This year we celebrate both the 75th anniversary of diplomatic relations between the United States and Australia and the 10th anniversary of our free trade agreement. These milestones offer an extraordinary opportunity to reflect on our partnership and all its many facets. In the Asia-Pacific, U.S.-Australia cooperation has served as the bedrock for unprecedented stability and economic prosperity.
As Pacific powers, the United States and Australia are committed to leading the region to stronger, broader growth through trade and investment, regional institutions, robust defense cooperation, and technological innovation.
American companies are our indispensable partners in these pursuits. Boeing, I am proud to say, is the gold standard when it comes to such partnerships.
Boeing technology, know-how, and military aircraft – produced in the United States and in Australia – helped secure our freedom and victory in the Second World War. In the 1950s, Qantas was the first international customer for Boeing’s first commercial jet, the 707 – which made some of the first long-haul flights across the Pacific.
For nearly 100 years, Boeing has stayed in first place while investing in people, technology, and communities in Australia. The company has created thousands of jobs both in the United States and in Australia, and many more at the small and medium-sized businesses that make up Boeing’s supply chain. Boeing employs more than 3,000 people at 27 locations in Australia. Boeing’s products and relationships in the defense and security sectors are making our armed forces, our countries, and the world safer and more secure. But Boeing does more than sell technologically advanced products, it supports science education in high schools and universities, is active in preserving the Great Barrier Reef, and has donated more than $3 million to local communities.
When it comes to innovation, the company that produced the 787 Dreamliner and the F-18 Super Hornet, is second to none. Boeing’s research and development and manufacturing centers in Brisbane and Melbourne are harnessing Australian and American talent and ingenuity daily. With more than $100 million invested in R&D and strong partnerships with universities and CSIRO, Boeing is innovating for the future – a future of sustainable aviation fuels; a future of next-generation communications; a future of space exploration.
It is therefore not surprising and entirely appropriate that Boeing has been one of the strongest supporters of the Ambassador’s Innovation Roundtable over the past two years, and I’m grateful to Maureen Dougherty for contributing her own energy and enthusiasm to this initiative.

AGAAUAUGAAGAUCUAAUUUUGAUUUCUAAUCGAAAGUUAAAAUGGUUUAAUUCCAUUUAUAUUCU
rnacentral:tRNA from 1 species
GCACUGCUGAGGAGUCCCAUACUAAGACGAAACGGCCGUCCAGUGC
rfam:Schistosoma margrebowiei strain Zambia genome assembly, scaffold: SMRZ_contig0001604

Boeing’s success and its corporate citizenship highlights why the U.S. government works so hard to help American businesses thrive in Australia and in the Asia Pacific. Free trade agreements – such as the bilateral one we have with Australia and the recently concluded Trans-Pacific Partnership – are essential.
Thanks to the efforts of many people, including Minister Robb and his team, the TPP is one of the most significant trade agreements in history. This cutting edge deal is the “crown jewel” of President Obama’s rebalance to the Asia Pacific. It will support a stable, transparent, rules-based order for the 21st century. Not only will the TPP enhance trade and open markets, it will improve global supply chains and benefit advanced manufacturing, which are so important to companies like Boeing.
The TPP also will contribute to regional stability and security. U.S. Defense Secretary Ash Carter has been notably quoted as saying – “TPP is as important to me as another aircraft carrier.” Or, I would add, fighter jet.
Our guest of honor understands the importance of TPP as well as any of us. Last month, Mr. Muilenberg lauded the TPP agreement, stating that, “Looking ahead, the global economy will be more important than ever to our future growth.”
The complete TPP text was released earlier this month and I encourage everyone to learn more about it. The path toward ratification is well marked, and it is important to note that the U.S. Congress has never voted down a trade agreement.
This century will be defined by the Asia Pacific. It will be defined by the economic investments made by U.S. companies like Boeing. It will be defined by our relationships with regional neighbors, friends, and allies. It will be defined by the United States and Australia moving boldly forward, together.
And, now, it is my distinct pleasure to introduce the Honorable Dr. Brendan Nelson, Director of the Australian War Memorial to say a few words.